Striking writers take antitrust aim at Disney, Amazon, Netflix

The striking Writers Guild of America on Thursday urged federal regulators to increase their oversight of the streaming media business, saying Disney, Amazon and Netflix had too much power

August 18, 2023 09:47 am | Updated 04:45 pm IST - LOS ANGELES

Representatives for Disney, Amazon and Netflix did not immediately respond to requests for comment [File]

Representatives for Disney, Amazon and Netflix did not immediately respond to requests for comment [File] | Photo Credit: REUTERS

The striking Writers Guild of America (WGA) on Thursday urged federal regulators to increase their oversight of the streaming media business, saying Walt Disney, Amazon.com and Netflix had amassed too much power.

The guild, which has been on strike since May 2, issued a report arguing that the three companies were poised to become "the new gatekeepers of media" and have abused their positions "to further disadvantage competitors, raise prices for consumers, and push down wages for the creative workforce."

The union urged regulators to block any further consolidation in the industry, "proactively investigate anti-competitive issues and outcomes" and increase regulation and oversight of the streaming business.

Representatives for Disney, Amazon and Netflix did not immediately respond to requests for comment.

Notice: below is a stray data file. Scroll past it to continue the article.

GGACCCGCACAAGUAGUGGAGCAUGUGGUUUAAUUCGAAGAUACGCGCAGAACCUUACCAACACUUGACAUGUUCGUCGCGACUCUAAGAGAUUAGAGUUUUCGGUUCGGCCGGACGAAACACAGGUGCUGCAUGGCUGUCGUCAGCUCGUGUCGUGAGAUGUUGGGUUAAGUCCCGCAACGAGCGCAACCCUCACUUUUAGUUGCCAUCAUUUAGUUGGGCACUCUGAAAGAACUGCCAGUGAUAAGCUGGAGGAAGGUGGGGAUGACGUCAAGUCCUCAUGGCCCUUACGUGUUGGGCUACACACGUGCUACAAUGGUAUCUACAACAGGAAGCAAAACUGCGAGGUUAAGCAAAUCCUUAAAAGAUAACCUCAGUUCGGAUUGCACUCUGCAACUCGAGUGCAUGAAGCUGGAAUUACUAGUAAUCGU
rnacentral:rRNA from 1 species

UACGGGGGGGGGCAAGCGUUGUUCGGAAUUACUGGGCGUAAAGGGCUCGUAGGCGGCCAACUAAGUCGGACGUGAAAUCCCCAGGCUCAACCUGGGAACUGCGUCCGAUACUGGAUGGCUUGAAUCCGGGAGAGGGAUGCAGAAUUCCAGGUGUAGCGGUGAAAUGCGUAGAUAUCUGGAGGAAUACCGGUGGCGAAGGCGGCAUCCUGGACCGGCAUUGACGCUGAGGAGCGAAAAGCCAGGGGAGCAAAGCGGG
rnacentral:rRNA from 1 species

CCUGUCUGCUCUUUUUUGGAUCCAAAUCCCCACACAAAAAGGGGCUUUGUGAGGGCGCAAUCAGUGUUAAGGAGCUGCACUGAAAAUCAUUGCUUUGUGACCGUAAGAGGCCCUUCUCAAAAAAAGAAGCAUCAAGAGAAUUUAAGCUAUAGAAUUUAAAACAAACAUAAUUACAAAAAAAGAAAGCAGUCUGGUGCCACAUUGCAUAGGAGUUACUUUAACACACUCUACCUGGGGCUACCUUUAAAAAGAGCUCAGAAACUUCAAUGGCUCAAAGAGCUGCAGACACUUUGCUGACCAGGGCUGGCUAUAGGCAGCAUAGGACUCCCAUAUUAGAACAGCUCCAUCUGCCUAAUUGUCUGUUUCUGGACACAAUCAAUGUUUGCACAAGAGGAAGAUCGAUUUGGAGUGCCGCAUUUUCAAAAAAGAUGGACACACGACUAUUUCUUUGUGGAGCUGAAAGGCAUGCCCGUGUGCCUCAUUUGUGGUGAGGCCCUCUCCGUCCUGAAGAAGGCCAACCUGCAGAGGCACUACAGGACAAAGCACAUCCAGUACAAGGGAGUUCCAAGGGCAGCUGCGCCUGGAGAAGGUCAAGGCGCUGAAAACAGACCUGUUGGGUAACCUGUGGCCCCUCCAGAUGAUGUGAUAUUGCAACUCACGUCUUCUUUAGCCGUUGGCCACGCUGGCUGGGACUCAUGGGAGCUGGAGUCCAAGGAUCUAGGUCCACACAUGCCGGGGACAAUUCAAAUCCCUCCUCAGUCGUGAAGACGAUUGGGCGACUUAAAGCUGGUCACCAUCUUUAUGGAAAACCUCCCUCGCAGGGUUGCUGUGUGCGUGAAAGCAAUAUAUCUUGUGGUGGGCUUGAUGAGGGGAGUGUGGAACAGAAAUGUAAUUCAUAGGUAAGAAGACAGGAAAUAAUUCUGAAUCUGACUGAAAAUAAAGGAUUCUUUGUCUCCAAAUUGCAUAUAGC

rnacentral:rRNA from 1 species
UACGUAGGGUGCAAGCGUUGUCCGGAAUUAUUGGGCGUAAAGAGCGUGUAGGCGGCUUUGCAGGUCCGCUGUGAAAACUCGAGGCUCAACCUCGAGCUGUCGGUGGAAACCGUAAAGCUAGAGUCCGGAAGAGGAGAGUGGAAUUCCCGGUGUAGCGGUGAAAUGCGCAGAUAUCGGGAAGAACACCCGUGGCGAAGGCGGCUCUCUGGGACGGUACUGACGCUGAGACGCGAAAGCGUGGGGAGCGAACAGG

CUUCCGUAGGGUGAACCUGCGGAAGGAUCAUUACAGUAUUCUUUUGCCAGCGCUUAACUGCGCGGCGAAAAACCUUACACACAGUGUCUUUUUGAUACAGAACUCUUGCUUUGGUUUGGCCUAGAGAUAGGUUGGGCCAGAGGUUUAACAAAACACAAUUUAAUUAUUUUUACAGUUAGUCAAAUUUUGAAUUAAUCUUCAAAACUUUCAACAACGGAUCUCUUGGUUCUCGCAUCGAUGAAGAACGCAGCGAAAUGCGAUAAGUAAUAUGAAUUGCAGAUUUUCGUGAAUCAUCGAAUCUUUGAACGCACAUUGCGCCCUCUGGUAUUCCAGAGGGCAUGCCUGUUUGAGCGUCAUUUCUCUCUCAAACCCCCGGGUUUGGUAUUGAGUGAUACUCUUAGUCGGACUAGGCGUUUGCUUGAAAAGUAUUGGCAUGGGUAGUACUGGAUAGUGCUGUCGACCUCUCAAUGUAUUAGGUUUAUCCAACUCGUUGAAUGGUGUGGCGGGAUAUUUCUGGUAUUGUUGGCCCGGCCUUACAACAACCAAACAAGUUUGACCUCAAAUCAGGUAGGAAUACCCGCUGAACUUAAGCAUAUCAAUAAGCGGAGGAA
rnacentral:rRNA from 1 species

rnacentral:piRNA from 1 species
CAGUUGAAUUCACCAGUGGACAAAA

(For top technology news of the day, subscribe to our tech newsletter Today’s Cache)

A spokesperson for the Federal Trade Commission referred to recent comments in a podcast by Chair Lina Khan.

"The combination of this consolidation and vertical integration seems to have created a market structure where we hear about how writers and producers and showrunners are all making less, even as companies are charging customers more. And critics seem to say that the quality of content being produced is actually in decline," Khan told The Ankler podcast.

"So increasingly we see some of the red flags that suggest the market structure is not actually serving the creators or the ultimate viewers," Khan added.

The roughly 11,500 members of the WGA have called for higher compensation, staffing guarantees and protections around the use of artificial intelligence (AI), among other demands, in talks with Hollywood studios. The SAG-AFTRA actors union, which went on strike July 14, also is seeking an increase in base pay and residuals.

WGA and studio negotiators recently returned to the bargaining table but have yet to reach a deal.

The WGA letter did not single out other companies, including Apple, Google parent Alphabet and Warner Bros Discovery, which also offer streaming media options.

0 / 0
Sign in to unlock member-only benefits!
  • Access 10 free stories every month
  • Save stories to read later
  • Access to comment on every story
  • Sign-up/manage your newsletter subscriptions with a single click
  • Get notified by email for early access to discounts & offers on our products
Sign in

Comments

Comments have to be in English, and in full sentences. They cannot be abusive or personal. Please abide by our community guidelines for posting your comments.

We have migrated to a new commenting platform. If you are already a registered user of The Hindu and logged in, you may continue to engage with our articles. If you do not have an account please register and login to post comments. Users can access their older comments by logging into their accounts on Vuukle.